Under current guidance, your lender will have 60 days from the date you submit your loan forgiveness application to determine what amount of your loan should be forgiven.  Once that determination is made, your lender will then submit its findings to the SBA, who, in turn, has up to 90 days to determine whether it agrees with your lender’s recommendation.  Many small business owners were concerned that they would have to start making sizable monthly loan payments per the schedule provided for in the loan documents—well before SBA would have made its forgiveness determination.  The revised law fixes this unintended scenario and provides much-needed relief to small business owners who are already strapped for cash in these economically uncertain times. 

More Time to Repay Your Loan

Old Law:  Any amount of your loan that was not forgiven had to be repaid within two years. 

New Law:  Borrowers can now have up to 5 years to repay their loan.   For those borrowers that have already signed their loan documents, the new law allows you to renegotiate the term of the loan with your lender from 2 years to up to 5 years.  In other words, existing loans are not automatically going to be converted to 5-year loans; instead, you will need to work with your lender to make any desired changes.

Our Take:  This change should also bring some much-needed peace of mind to borrowers.  By extending the time to repay the loan, borrowers who are concerned about not achieving loan forgiveness will free up much needed monthly cash flow.  By way of example, if a borrower is required to repay $100,000 of their loan proceeds due to ineligible forgiveness under the original law, their payments (subject to what the specific loan documents provide and how the loan is structured) would be approximately $4,200 per month spread out over two years.   This Congressional relief will reduce that payment to only $1,700 per month – a reduction of 250% per month.  In these economically uncertain times, monthly cash flow will be a significant concern for many businesses, and extending the time to repay PPP loans will provide some much-needed relief in that regard.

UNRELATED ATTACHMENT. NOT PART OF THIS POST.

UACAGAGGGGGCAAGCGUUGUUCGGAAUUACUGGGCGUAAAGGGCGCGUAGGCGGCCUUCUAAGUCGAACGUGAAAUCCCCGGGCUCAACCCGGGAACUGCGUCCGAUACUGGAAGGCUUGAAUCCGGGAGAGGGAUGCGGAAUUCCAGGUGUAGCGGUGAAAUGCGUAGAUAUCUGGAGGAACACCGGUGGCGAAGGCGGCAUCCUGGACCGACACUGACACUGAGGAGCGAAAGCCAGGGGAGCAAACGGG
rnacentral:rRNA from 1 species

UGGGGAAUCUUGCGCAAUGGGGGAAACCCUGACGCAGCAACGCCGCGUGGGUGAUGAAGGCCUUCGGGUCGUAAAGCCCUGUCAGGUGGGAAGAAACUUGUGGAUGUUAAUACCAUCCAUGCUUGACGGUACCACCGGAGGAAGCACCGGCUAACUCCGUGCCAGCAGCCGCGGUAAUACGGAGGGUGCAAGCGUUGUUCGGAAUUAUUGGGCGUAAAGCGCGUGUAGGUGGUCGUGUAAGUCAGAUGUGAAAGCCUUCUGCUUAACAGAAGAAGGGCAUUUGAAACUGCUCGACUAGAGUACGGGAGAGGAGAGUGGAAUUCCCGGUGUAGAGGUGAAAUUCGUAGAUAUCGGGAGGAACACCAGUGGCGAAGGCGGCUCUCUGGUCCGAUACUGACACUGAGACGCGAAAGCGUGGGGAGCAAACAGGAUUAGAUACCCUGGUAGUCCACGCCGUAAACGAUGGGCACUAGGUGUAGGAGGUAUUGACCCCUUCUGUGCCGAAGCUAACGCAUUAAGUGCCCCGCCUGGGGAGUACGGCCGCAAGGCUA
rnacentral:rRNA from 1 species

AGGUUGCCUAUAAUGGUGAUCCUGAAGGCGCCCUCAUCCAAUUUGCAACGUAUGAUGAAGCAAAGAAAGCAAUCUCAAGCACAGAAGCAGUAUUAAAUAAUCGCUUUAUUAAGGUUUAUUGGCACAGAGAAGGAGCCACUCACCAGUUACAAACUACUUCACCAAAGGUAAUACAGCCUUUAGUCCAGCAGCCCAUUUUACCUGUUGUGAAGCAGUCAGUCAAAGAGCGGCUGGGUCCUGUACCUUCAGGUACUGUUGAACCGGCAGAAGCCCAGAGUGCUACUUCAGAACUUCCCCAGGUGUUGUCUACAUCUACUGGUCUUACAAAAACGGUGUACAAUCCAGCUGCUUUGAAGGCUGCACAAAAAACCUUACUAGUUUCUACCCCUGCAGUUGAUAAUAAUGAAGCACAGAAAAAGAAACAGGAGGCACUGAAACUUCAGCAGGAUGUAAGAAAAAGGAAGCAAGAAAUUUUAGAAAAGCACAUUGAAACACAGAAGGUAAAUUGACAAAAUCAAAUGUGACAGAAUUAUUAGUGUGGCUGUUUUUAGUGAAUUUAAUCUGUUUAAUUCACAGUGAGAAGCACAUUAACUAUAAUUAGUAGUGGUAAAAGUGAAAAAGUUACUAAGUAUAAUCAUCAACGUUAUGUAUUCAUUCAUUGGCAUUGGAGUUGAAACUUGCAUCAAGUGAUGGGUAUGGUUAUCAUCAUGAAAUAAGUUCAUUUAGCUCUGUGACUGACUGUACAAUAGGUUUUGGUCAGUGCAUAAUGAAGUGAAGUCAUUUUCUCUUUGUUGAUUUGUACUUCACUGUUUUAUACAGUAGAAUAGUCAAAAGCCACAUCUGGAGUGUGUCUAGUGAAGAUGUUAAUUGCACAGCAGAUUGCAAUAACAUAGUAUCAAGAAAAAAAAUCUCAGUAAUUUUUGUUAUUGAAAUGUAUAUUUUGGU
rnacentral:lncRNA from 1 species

Our COVID-19 Task Force is monitoring this and other significant developments at the local, state, and federal levels.  We will continue to update you, so be on the look-out for future alerts.  In the meantime, stay safe as you reopen your businesses.